Thee Silver Mt. Zion Memorial Orchestra @ The Troubadour 2/8/12

Aida and I arrive at the Troubadour about half an hour after the doors
open. It’s possibly my favorite venue in LA. The sound ranges from good to
great and the size is just right. It’s a little empty tonight but people
always seem to arrive at shows right before the main act begins.

– – – – – – – – – – – –

Opening act Matana Roberts plays solo improvised saxophone. Her sound
embraces every kind of texture or noise her instrument can produce mixed
with beautiful melodic runs and arpeggios. Between songs she speaks with
charisma of the weirdness of Santa Monica (“Where are all the black
people?”, Botox on the Beach, etc.) as well as her project tracing her
family history to slave manifests in the UK. Her music leaves me feeling
refreshed. I can’t remember the last time I saw a live musical performance
that didn’t involve guitar, keys, or voice.

– – – – – – – – – – – –

The band takes the stage beneath a slightly crooked, completely flipped
portrait of Canadian Prime Minister Stephen Harper. Guitarist/lead vocalist
Efrim Menuck thanks the now nearly capacity crowd and introduces the group
as Thee Silver Mt. Zion Memorial Orchestra “from Montreal, Quebec.” The
roster also includes Sophie Trudeau and Jessica Moss on violin, Thierry
Amar on bass, and David Payant on drums. All five members of the band sing.

Efrim politely, charmingly, insults the city of Los Angeles (with the
caveat “but good people live here”) then announces the first song,“13 Blues
for 13 Moons”. The musicians dig in.

I’m immediately struck by the quality of Efrim Menuck’s voice. On the last
few Silver Mt. Zion albums, Menuck’s quavering, plaintive, howl
occasionally kept me at a distance from the music but here, tonight,
despite barely being able to decipher most lyrics, I find his vocals warm,
inviting, and harmonious with his band and guitar playing. It occurs to me
that his gorgeous, reverb and tremelo drenched, electric guitar tone is an
alien presence amongst the folk instruments of the rest of the band. That’s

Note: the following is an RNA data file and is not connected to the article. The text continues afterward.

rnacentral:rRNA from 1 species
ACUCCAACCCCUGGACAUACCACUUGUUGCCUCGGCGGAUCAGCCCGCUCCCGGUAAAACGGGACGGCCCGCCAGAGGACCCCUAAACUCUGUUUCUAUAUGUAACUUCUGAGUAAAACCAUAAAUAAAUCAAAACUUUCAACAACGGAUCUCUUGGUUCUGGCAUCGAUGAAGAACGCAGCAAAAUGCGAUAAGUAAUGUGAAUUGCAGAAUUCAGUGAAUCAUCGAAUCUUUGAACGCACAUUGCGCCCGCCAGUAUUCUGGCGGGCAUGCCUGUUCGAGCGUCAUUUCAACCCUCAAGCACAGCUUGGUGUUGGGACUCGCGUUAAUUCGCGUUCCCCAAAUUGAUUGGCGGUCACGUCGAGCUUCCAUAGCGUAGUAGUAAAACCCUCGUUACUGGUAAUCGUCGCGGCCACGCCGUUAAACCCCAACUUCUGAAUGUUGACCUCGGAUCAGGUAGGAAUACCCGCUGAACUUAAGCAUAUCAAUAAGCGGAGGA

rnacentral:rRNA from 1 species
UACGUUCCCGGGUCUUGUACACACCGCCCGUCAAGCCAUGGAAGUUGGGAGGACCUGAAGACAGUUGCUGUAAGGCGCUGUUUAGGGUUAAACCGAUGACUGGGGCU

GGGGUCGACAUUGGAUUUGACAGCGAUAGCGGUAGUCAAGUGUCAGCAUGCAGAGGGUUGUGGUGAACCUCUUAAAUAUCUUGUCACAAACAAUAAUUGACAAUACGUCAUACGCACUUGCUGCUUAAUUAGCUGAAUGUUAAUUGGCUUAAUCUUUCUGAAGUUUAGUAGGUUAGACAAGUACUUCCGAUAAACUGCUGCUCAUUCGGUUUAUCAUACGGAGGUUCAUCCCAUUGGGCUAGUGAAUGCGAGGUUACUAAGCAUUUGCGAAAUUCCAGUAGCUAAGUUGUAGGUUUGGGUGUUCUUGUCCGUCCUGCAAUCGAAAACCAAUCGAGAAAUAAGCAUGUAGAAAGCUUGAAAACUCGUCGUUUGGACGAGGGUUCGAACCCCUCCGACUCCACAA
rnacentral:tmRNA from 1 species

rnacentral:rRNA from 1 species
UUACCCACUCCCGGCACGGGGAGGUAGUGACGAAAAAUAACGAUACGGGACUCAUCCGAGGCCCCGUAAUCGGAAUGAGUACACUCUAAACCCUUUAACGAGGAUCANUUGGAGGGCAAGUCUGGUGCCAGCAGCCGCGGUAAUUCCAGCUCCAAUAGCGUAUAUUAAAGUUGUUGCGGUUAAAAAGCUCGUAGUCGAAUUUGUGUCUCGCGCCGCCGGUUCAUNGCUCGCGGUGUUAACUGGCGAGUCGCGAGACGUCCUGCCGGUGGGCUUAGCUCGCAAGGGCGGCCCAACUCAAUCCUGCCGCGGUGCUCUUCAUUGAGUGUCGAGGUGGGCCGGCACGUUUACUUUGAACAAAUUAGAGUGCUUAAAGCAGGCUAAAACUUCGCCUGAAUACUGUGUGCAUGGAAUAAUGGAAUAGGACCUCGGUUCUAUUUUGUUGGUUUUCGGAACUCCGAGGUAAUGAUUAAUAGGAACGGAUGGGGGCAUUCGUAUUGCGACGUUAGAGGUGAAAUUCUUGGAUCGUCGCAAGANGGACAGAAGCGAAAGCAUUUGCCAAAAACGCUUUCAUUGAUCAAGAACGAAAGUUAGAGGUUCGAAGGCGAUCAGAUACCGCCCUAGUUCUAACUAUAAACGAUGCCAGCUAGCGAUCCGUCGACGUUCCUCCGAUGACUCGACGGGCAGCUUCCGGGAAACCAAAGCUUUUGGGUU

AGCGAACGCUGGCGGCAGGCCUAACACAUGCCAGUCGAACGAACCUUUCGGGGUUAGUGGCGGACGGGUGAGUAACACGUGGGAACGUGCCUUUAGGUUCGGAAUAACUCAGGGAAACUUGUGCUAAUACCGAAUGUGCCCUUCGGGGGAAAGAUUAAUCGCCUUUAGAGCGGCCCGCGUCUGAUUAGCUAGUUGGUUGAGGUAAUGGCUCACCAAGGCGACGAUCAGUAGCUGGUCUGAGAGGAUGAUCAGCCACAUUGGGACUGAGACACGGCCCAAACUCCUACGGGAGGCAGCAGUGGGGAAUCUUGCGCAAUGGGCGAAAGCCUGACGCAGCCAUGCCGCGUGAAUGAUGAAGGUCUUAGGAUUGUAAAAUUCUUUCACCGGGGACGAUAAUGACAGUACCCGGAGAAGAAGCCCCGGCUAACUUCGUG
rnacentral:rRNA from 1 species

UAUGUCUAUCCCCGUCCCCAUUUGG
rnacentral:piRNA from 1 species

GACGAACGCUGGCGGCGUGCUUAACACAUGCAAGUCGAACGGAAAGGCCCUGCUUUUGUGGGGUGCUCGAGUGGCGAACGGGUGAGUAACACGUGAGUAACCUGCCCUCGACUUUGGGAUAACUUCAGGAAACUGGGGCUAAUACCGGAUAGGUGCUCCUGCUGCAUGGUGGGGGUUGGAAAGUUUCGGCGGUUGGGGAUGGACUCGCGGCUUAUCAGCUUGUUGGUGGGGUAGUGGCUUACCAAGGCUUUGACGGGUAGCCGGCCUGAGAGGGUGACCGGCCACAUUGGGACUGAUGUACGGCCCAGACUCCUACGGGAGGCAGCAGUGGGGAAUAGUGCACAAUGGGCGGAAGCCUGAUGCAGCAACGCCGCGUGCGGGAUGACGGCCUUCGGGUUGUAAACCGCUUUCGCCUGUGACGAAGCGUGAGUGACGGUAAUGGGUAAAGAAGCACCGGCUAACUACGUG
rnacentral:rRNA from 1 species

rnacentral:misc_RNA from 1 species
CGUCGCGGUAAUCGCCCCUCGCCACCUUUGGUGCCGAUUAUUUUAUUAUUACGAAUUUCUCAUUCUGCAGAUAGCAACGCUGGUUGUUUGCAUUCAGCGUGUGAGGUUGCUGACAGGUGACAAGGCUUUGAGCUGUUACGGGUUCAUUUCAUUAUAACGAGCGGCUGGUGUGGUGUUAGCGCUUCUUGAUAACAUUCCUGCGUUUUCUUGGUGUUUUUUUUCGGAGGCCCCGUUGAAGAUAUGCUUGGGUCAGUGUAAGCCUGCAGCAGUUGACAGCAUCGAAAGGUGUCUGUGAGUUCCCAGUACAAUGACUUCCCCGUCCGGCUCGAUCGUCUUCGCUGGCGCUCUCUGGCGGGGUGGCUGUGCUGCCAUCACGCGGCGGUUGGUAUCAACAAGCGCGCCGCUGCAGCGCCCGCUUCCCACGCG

not to say the guitar sounds incongruous, in fact, it weaves perfectly
between the violins, bass, and drums. The electric guitar coats the earthly
music with an otherworldly glow.

The band works hard. There are frequent dynamic changes, unconventional
time signatures, and two, three, four and five part harmonies. There is no
light-show, projections, or visual atmospherics to speak of. All eyes are
on the musicians. Violinists Moss and Trudeau create shimmering layers of
precise melody and dense drone. Bassist Amar switches between bowed and
plucked double bass and traditional electric bass. Drummer Payant moves
from gentle dirge to majestic march (and back again) without once stepping
into Kroq territory.

They play material from their last three albums including standouts
“BlindBlindBlind”, “There Is a Light”, and “Horses in the Sky”. I feel most
energized, however, by the (three or four?) new songs which include “What
We Loved Was Not Enough” and encore “Psalm 99”. Suffice to say the next
Silver Mt. Zion record will be powerful.

Between songs Efrim tunes and opens up for questions from the strangely
irreverent crowd. I thought we were done with the drunken, half-ironic,
requests for Freebird? Anyway, Menuck takes the opportunity to respond
with sarcasm and non-sequiturs about Limewire, Mitt Romney and Walker Texas
Ranger. I feel a little embarrassed to be a part of this belligerent Los
Angeles audience but Efrim thanks us for coming out and I can tell he’s
being sincere even if he’s a little annoyed too. At one point someone asks
“When’s the next Godspeed album coming out!?” to which Efrim, who clearly
hears him, responds “What’s that? I can’t hear you.” This exchange repeats
three (or four?) times until the next song silences everyone.

– – – – – – – – – – – –

After the encore we leave and I feel stirred and satisfied. I look at my
watch (my phone); it’s a little after midnight. “They played for two hours,
I think.” Aida says. “Wow.” I say.

Christopher Dreisbach

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